Many people in Spain celebrate the life and deeds of James, son of Zebedee, on Saint James' Day (Santiago Apostol), which is on July 25. Saint James was one of Jesus' first disciples. Some Christians believe that his remains are buried in Santiago de Compostela in Spain.
Many events are organized on and before Saint James' Day in the Basque Country and Galicia. These include: •Special church services to honor the life and work of Saint James.
•Exhibitions of art work by artists born or living in or near Santiago de Compostela.
•Theatre productions and street shows.
•Concerts of modern and traditional music, including bagpipe performances.
•Traditional dance events held outside.
Special services are held in the cathedral in Santiago de Compostela on July 25. Church officials swing a large incense burner at full speed during this service. They fill the whole church with incense smoke.


St James, son of Zebedee, was an apostles and a brother of John the Apostle, according to Christian belief. He lived at the same time as Jesus. He may have traveled to the area that is now Santiago de Compostela.
St James was beheaded in Judea in the year 44 CE. Some Christians believe that his disciples carried his body by sea to Padrón on the Galician coast. They then buried his body under what is now the cathedral in Santiago de Compostela.
St James' relics were discovered sometime between 791 CE and 842 CE. Santiago de Compostela then became a place of pilgrimage. Pope Leo XIII asserted that the relics of St James at Compostela were authentic in a papal bull. This papal bull was published on November 1, 1884.
Common symbols of St James include a traveler's hat and a scallop shell. The scallop shell is used to mark a network of pilgrimage routes. These routes lead to the cathedral in Santiago de Compostela from many European countries, including:
Thousands of people walk, cycle or ride a horse along the pilgrimage routes to Santiago de Compostela each year. Many people hope to arrive just before Saint James' Day.


The Duke and Duchess of Cambridge have named their son - George Alexander Louis.
The first child of Prince William and Catherine, who is third in line to the throne, will be known as Prince George of Cambridge.

George was the bookmakers' favourite for the first name of the prince.
There have been six King Georges up to now, most recently the Queen's father, although his first name was Albert and he was known to his family as Bertie.
The name Louis is Prince William's fourth name and is likely to be a tribute to Lord Louis Mountbatten, the Duke of Edinburgh's uncle and the last British Viceroy of India before independence in 1947.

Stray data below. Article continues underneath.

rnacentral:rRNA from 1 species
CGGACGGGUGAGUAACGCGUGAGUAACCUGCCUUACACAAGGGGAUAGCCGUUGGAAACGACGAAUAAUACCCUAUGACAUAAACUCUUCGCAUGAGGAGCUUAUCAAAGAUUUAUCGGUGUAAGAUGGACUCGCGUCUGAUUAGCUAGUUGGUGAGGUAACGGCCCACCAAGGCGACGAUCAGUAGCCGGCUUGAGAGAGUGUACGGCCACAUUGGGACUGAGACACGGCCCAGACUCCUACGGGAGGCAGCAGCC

Alexander is said to be a favourite of Catherine's.
As well as being an established regal name, George is also a saint's name. St George was an early Christian martyr and is the patron saint of England.


The Duchess of Cambridge has given birth to a boy. The child was born at 4.24pm on Monday afternoon and weighed 8lb 6oz. The duchess arrived at the Lindo wing of St Mary's hospital, Paddington, in the early stages of labour at about 5.45am accompanied by the Duke of Cambridge. He is on two weeks' paternity leave from his job as an RAF search and rescue helicopter pilot


Kate Middleton has been admitted to the hospital to give birth, according to a Kensington Palace
"Her Royal Highness The Duchess of Cambridge has been admitted this morning to St. Mary's Hospital, Paddington, London in the early stages of labour. The Duchess travelled by car from Kensington Palace to the Lindo Wing at St Mary's Hospital with The Duke of Cambridge," the palace said in a statement today.
Middleton was admitted shortly before 6 a.m. today with The Duke by her side, and she is progressing normally, the palace said. There is no suggestion that she was induced.
Regardless of the baby's gender, Prince William and Kate Middleton's firstborn will be third in line to the British throne, after grandfather Prince Charles and father Prince William.
Kate and William have chosen to be surprised and do not know the sex of the baby, according to royal sources.


Swan Upping 2013 will take place from 15 - 19 July

The census of people takes place every ten years. The census of swans takes place annually during July on the River Thames in a ceremony known as Swan Upping. Swans are counted and marked on a 70 mile, five day journey up the River Thames.

The Swan Upping event takes place in July each year, commencing on the third Monday at Sunbury and ending at Abingdon on the Friday.

The swans on the River Thames are Mute Swans (Cygnus olor). They are not actually mute, they can honk and hiss alot. Mute swans are seen in Britain all year round and are distinguished by a bright orange beak, which has a knob of black tissue on the top.

Swan Uppers searching for cygnets

The Swan Uppers catch and check the health of the swans and their cygnets through five counties, from Sunbury-on-Thames, Middlesex, to Abingdon, Oxfordshire.